- Early Years
- Then to Now
The involvement of Catholic parishioners in the Basilica's construction is a testament to the perseverance and spirit of nineteenth century immigrants to the New World. The building of a massive cathedral overlooking the town created an optimism that encouraged both Catholics and non-Catholics alike to assist in the construction. Bishop Fleming foresaw this project not only as an opportunity to build unity between Catholics and Protestants, but also to dissolve differences between Catholic factions within different parts of Newfoundland.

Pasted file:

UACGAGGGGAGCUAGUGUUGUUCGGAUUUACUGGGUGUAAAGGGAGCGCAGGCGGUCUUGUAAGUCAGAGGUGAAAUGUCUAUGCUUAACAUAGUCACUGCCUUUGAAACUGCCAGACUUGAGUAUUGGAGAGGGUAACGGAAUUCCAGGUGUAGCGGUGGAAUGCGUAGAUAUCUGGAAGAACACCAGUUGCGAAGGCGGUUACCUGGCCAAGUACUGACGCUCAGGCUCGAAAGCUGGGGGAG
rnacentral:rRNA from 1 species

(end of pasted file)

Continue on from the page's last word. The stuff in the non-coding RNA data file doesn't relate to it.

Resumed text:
There are remarkable stories recounting scenes of the Cathedral's construction - teams of men unloading stone from boats in St. John's harbour to be hauled up the steep hill to the construction site, women carrying bricks and mortar in their aprons; even Bishop Fleming himself, waist deep in water at Kelly's Island, loading stone to be carried to St. John's. Clearly, this long and arduous process played an important role in the town's gradual transition from a colonial fishing station to what would become Canada's youngest capital a century later.